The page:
One of the greatest art collectors and patrons of the Habsburg dynasty was Archduke Leopold Wilhelm (1614-1662), regent of the Southern Netherlands. He not only owned one of the most impressive collections of paintings of his time, but also possessed a large number of tapestries. A considerable part of his estate was passed down to Emperor Leopold I (1640-1705), who probably also inherited six tapestries depicting the Months and an allegorical representation of Night, which Archduke Leopold Wilhelm had commissioned in 1650 in Brussels, together with a depiction of Day, a representation of the Four Seasons and another of the Four Elements. The designs were produced by Jan van den Hoecke (1611–1651), the archduke’s court painter, and the tapestries were woven by the Brussels manufacturers Everard Leyniers and Aegidius van Habbeke. In addition to the tapestries, the archduke also inherited the relevant designs and cartoons, all executed in oil and likewise preserved in the Picture Gallery of the Kunsthistorisches Museum. There is also extensive documentation on tapestry-collecting at the court of Emperor Leopold I. For example, the Vienna merchant Bartholome Triangl was ordered to procure baldachins, tapestries and carpets to embellish the imperial palace on the occasion of the emperor’s marriage to the Spanish Infanta Margarita Teresa in 1666. The six series that Triangl had sent from the Southern Netherlands to Vienna can largely be traced to their place of origin. One of these series is the spectacular eight-piece set depicting Riding Lessons (Brussels ca. 1665/66).
What was probably one of the greatest additions to the tapestry collection occurred on the occasion of the marriage of Maria Theresia to Franz Stephan von Lothringen (1708-1765) in 1736, when the bridegroom had no fewer than twenty sets of tapestries brought to Vienna. Among them was the Throne Baldachin of 1561, which is still one of the most spectacular pieces in the collection. Hans Vredeman de Vries (1527-1606) was responsible for the composition’s illusionistic architecture, and Michiel Coxcie (1499-1592) designed the figures of Pluto and Proserpine.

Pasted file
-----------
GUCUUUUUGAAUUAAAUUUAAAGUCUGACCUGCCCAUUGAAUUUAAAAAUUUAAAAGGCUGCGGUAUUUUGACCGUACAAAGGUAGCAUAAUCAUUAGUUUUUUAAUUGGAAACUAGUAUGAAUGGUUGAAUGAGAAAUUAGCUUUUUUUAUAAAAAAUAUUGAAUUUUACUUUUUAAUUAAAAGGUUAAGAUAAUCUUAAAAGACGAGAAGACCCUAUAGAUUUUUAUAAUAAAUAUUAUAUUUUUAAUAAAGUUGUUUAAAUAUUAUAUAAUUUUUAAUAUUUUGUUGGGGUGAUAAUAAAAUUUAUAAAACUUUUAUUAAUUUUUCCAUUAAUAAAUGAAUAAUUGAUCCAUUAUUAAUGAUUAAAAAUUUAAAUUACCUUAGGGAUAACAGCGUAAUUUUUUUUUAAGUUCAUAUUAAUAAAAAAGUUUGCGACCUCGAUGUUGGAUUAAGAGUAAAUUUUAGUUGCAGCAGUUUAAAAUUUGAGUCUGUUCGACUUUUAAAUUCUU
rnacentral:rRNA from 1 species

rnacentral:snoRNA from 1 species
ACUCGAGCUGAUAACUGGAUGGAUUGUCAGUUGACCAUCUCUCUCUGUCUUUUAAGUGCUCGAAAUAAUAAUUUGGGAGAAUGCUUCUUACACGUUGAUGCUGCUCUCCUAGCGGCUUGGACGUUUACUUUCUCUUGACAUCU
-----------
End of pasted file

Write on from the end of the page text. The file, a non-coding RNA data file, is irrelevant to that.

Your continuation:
A large number of the Vienna tapestries of French origin entered the collection as diplomatic gifts. In 1777, when Emperor Joseph II (1741-1790) was staying in Paris incognito, posing as the Comte de Falkenstein, his sister Maria Antonia and her husband, King Louis XVI, presented him with several series at once. Among them were the Tapestries after Frescoes by Raphael (Royal Gobelins Manufactory, Paris 1765–71), the so-called Nouvelles des Indes (after Alexandre-François Desportes, Royal Gobelins Manufactory, Paris 1774–78), the Meuble Rose (Boucher Room), a set consisting of covers for two sofas, twelve armchairs, a hearth screen and a partition, as well as four tapestries with central oval images after François Boucher (1703-1770) and alentours after Maurice Jacques (Royal Gobelins Manufactory, Paris 1772–76). Since 1880 in particular, these furnishings have pride of place, having been chosen to decorate a room in the Vienna Hofburg. This honor was also bestowed on numerous other tapestries, owing to the renewed interest in prestigious textile wall decorations in the second half of the nineteenth century.
The last addition made to the collection by a member of the House of Habsburg occurred during the reign of Emperor Franz Joseph I (1830-1916), who authorized the purchase of a nine-piece set of tapestries depicting Scenes of the Gospels after designs by Raphael (Brussels, late sixteenth/early seventeenth century). Moreover, he was presented with a portrait (ca. 1814/15) of Marie Louise of Austria (1791-1847) as empress of the French, executed at the Royal Gobelins Manufactory after a design by François-Pascal Simon Gérard (1770-1837).
The tapestries from the former Habsburg holdings were still in use in the time of Emperor Franz Joseph I. It was not until the fall of the monarchy and the transfer to the Kunsthistorisches Museum of all artworks depicting religious, mythological, historical or moralizing subjects that the tapestries largely became objects in a museum context. A small number of them, which are alternated regularly for reasons of conservation, are on display in the Kunstkammer Wien. Special exhibitions also offer an ideal opportunity to make these fragile objects accessible to a wide public.